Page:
The Georges configuration is a (253) configuration. An integer coordinatization of it is constructed in W. Kocay, "A Note on the Georges Configuration and a Paper of Grünbaum", Bulletin of the ICA 58 (2010), 103-111.

An (n3) configuration is said to be a theorem if after removing any one incidence, and drawing the resulting configuration, the missing incidence is guaranteed. The Pappus and the Desargues configurations are both theorems. One of the (103) configurations is "almost a theorem". This is described in W. Kocay, "A 103 configuration that is almost a theorem", Bulletin of the ICA 68 (2013), 33-39.

A one-point extension of an (n3) configuration creates an ((n+1)3) configuration. The construction is described in W. Kocay, "One-point extensions in (n3) configurations", Ars Math. Contemp. 10 (2016), 291-322. The configurations which can be obtained by one-point extensions are characterised.

The Graph Reconstruction Problem

A counting theorem relating the subgraphs of a graph is useful in the graph reconstruction problem, W. Kocay, "Some New Methods in Reconstruction Theory", 1981, Ninth Australian Combinatorial Conference, Brisbane Australia, in Combinatorics IX, Lecture Notes in Mathematics #952, Springer-Verlag 1982, pp 89-114.

Let G and H be graphs with vertices {u1, u2, ..., un} such that G - ui is isomorphic to H - ui, for i = 1, 2, ..., n. The mappings pi from G - ui to H - ui can sometimes be used to prove that G and H are isomorphic. This is described in P. Ille and W. Kocay, "Graph Reconstruction by Permutations", Ars Combinatoria 86 (2008) 321-344.

Let G and H be two graphs on n+2 vertices, {u1, u2, ..., un, x, y}, where n ≥ 9, such that G-ui and H-ui are isomorphic, for i = 1, 2, ..., n. Then the number of edges of G and H differ by at most one. W. Kocay, "On Reconstructing Graphs from n - 2 Cards", J. Comb. Math. and Comb. Comp. 80 (2012) 5-10.

A construction using the automorphism groups of Paley graphs (quadratic residue graphs) is described in W. Kocay and D. Kreher, "On Reconstructing Graphs and their Complements", SIAM Journal of Discrete Mathematics 28 (2014), 1026-1034. A pair G, H of graphs on 2n vertices is constructed such that they have n cards in common (vertex-deleted subgraphs). G and H have the same degree sequences, they are connected, and their complements are connected.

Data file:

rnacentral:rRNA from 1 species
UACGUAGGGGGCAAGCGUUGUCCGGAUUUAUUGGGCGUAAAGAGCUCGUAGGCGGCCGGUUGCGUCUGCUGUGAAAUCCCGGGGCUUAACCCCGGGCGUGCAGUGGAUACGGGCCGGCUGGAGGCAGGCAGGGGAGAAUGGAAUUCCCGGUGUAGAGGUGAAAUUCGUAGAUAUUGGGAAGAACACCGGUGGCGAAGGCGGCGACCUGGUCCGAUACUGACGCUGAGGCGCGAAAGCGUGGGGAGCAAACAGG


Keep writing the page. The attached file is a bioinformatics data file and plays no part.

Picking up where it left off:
A simple 3-hypergraph on a vertex set V consists of a subset of the set of triples of vertices from V. Given two simple 3-hypergraphs G and H, with the same degree sequence, it is always possible to transform G into H by a sequence of exchanges, such that all intermediate 3-hypergraphs are also simple. This is shown in W. Kocay and Pak-Ching Li, "On Degree Sequences of Hypergraphs", Ars Combinatoria 82 (2006), 145-157.

A partial Steiner triple system is a simple 3-hypergraph G with the property that any pair {u,v} of vertices occurs in at most one triple of G. Conditions similar to the Erdös-Gallai conditions on the degree sequence of a simple graph apply to partial Steiner triple systems. They are described in M. Keränen, W. Kocay, D. Kreher, P.K. Li, "Degree Sequence Conditions for Partial Steiner Triple Systems", Bulletin of the ICA 57 (2009), 71-73.

There are a number of non-reconstructible 3-hypergraphs. Those on at most 8 vertices and 11 triples are catalogued in W. Kocay, "A Note on Non-reconstructible 3-Hypergraphs", Graphs and Combinatorics 32 (2016) 1945-1963. In particular there is a triple {G,H,K} of 3-hypergraphs on 6 vertices and 10 triples which are pairwise hypomorphic. A 3-hypergraph has induced 3-sub-hypergraphs as well as induced subgraphs. Some counting relations amongst them are also proved.

Permutation Groups

A modification of the Scheier-Sims algorithm is used for generating permutation groups. It is described in W. Kocay, "A modification of the Schreier-Sims algorithm utilising the transitivity of the stabiliser subgroups", J. Combinatorial Mathematics and Combinatorial Computing 31 (1999), 193-206.

Graph Factorizations

A variation of a 1-factorization of a graph is a butterfly factorization. It has a special 1-factor, each of whose edges appears in two 1-factors. Several papers with Ralph Stanton investigate these.
W. Kocay and R.G. Stanton, "On Butterfly Factorizations", Bulletin of the ICA 55 (2009), 57-65.
W. Kocay and R.G. Stanton, "Butterfly Factorizations of K8", Utilitas Mathematica 79 (2009), 221-225.
W. Kocay and R.G. Stanton, "On Metamorphosis of Butterfly Factorizations", Bulletin of the ICA 57 (2009), 29-34.

Finite Projective Planes

A quadrangle in a projective plane consists of four points {A, B, C, D}, such that no three are collinear. They determine six lines AB, AC, AD, BC, BD, CD. There are three points of intersection E = AB ∩ CD, F = AC ∩ BD, G = AD ∩ BC. If E, F, G are collinear, then {A, B, C, D} is a Fano quad. If they are non-collinear, then {A, B, C, D} is a non-Fano quad. The types of quadrangles can be used to characterize a projective plane.

Quads are used to characterize some of the small projective planes in W. Kocay and R.G. Stanton, "Fano Quads in Projective Planes", Ars Combinatoria 58 (2001), 217-223. An interesting configuration in the Hughes plane is also discovered.

A sum of squares theorem using non-Fano quads is used to characterize the plane of order 7 in W. Kocay, "Non-Fano Quads in Finite Pro jective Planes ", Ars Combinatoria 83 (2007), 65-92.

Four-Colour Theorem

A fast heuristic for 4-colouring a planar graph is described in H. Carr and W. Kocay, "A Heuristic for 4-Colouring a Planar Graph", J. Comb. Math. Comb. Comp. 46 (2003), 97-112. A proof that it always works would be an alternative proof of the 4-Colour Theorem.